Brazil: Strengthening its Economic Backbone
by Steve Lescohier
Across Latin America's largest country, bulldozers are moving, tracks are being laid, roads are being graded, ports are being expanded and energy facilities are being built or improved. What has sparked this massive effort is a confluence of forces—political, economic and social—beginning around 1994. Estimates of the investment needed for planned infrastructure improvements and projects already underway are expected to exceed $500 billion by 2015. Government funding alone cannot support such a large infusion of capital. Private investment—both domestic and foreign—is therefore required. American businesses see the possibilities for investment and expansion in this booming culture and are eager to invest in this profitable market.
Measuring the size of the overall infrastructure development efforts provides a picture of the magnitude of potential opportunities in Brazil. A recent World Bank study of 155 countries' infrastructure improvement elevated Brazil's infrastructure investment ranking from 61st in 2007 to 41st in 2009. In addition, foreign direct investment (FDI) in Brazil more than doubled in five years, from $15.1 billion in 2005 to $48.5 billion in 2010.Footnote (Opens Overlay)
The factors influencing a massive investment in infrastructure are multifaceted:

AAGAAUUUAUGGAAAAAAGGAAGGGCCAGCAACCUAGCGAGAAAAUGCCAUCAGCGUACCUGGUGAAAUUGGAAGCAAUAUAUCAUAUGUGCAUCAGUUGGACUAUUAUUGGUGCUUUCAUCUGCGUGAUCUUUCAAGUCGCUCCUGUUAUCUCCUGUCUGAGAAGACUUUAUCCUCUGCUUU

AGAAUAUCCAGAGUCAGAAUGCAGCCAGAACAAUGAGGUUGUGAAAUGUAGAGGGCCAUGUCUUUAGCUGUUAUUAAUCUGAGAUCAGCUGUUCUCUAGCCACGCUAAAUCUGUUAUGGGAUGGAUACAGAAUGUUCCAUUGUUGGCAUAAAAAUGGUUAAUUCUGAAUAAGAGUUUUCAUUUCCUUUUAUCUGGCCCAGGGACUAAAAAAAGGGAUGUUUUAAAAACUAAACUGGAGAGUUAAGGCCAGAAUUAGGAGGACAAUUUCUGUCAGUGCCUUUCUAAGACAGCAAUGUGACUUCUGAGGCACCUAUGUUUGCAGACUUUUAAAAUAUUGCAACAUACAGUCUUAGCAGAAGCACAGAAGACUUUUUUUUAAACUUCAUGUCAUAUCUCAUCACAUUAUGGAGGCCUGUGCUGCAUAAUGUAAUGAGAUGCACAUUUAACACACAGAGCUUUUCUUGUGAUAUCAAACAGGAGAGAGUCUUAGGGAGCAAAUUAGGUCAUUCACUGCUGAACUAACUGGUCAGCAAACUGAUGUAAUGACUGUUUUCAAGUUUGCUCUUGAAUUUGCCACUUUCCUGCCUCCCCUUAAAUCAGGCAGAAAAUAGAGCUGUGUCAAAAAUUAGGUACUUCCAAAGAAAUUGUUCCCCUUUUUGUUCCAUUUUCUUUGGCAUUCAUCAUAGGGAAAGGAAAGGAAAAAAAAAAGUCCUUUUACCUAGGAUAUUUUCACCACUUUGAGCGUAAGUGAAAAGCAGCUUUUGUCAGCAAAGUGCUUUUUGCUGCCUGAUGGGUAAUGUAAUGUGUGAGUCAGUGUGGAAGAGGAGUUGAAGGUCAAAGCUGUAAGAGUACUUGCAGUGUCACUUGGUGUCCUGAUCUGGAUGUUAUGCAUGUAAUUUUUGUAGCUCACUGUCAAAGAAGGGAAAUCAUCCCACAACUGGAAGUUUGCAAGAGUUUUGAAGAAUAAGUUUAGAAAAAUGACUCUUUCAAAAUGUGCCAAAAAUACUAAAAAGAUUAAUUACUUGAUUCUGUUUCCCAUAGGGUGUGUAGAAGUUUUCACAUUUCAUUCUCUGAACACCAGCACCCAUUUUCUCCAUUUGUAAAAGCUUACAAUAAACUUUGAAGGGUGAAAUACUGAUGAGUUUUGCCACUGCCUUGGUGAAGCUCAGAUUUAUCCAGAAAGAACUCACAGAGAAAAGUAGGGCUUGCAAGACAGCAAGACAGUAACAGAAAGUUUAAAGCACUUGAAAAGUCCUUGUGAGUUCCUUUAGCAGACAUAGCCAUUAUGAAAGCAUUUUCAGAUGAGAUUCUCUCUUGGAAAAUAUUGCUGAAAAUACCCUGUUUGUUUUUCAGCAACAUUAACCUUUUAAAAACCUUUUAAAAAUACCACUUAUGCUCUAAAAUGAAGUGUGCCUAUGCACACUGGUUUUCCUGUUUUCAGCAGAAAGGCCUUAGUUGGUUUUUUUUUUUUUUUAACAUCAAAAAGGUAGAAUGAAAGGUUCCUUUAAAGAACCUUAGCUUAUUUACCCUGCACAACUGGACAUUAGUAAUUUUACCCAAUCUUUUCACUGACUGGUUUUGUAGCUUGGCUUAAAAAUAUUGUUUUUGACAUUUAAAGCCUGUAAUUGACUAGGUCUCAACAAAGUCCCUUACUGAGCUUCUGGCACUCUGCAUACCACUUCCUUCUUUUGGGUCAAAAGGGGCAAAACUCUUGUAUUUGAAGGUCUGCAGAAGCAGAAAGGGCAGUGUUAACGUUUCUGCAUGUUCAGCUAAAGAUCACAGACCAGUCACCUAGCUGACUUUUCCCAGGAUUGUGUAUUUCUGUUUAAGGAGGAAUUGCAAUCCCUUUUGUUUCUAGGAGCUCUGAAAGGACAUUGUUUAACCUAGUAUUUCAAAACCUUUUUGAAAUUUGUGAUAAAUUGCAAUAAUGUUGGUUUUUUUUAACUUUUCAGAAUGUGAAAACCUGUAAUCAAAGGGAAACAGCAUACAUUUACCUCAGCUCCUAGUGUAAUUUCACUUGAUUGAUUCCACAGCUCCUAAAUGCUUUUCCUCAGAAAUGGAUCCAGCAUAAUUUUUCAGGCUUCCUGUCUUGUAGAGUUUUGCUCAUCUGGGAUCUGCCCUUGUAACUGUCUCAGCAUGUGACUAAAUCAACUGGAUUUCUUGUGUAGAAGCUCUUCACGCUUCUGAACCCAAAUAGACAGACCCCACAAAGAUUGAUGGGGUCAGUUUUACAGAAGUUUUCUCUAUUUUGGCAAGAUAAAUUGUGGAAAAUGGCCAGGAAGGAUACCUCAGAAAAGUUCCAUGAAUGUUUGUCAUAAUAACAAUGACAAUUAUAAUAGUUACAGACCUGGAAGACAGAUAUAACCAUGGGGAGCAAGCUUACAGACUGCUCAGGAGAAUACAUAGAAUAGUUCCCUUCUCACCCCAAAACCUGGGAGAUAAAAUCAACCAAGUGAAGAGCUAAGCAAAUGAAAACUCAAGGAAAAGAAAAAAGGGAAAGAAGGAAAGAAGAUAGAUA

- A period of political and fiscal stability dating back to the Plano Real in 1994 creating a positive environment for investment and development in many business sectors.
- The influx of foreign direct investment dollars for construction of factories, roads, rail lines and other infrastructure improvements to support business expansion.
- A general strengthening of the economy making funds available for investment and business growth.
- Burgeoning cities and industries requiring increasing amounts of energy.
- A growing middle class with disposable income to spend on consumer goods, leisure and recreation and housing, plus an expectation that they will have access to excellent transportation and plentiful energy.
- Increasing natural resources and agricultural production, making improved roads, railways, airports and seaports necessary to expedite the export of goods.
- Preparations for hosting both the 2014 World Cup and 2016 Summer Olympic Games, spurring extensive building of sports venues and upgrades to roads, rails, airports and metro subway facilities.
Opportunities abound for U.S. companies to feed the Brazilian economy's growing need for consumer goods, equipment and technology to assist in infrastructure improvement, programs to enhance the education of the workforce and the overall efforts to upgrade and fortify Brazil's economic backbone.
Read the full report (PDF) to understand the opportunities and challenges businesses may face when entering the Brazilian marketplace.
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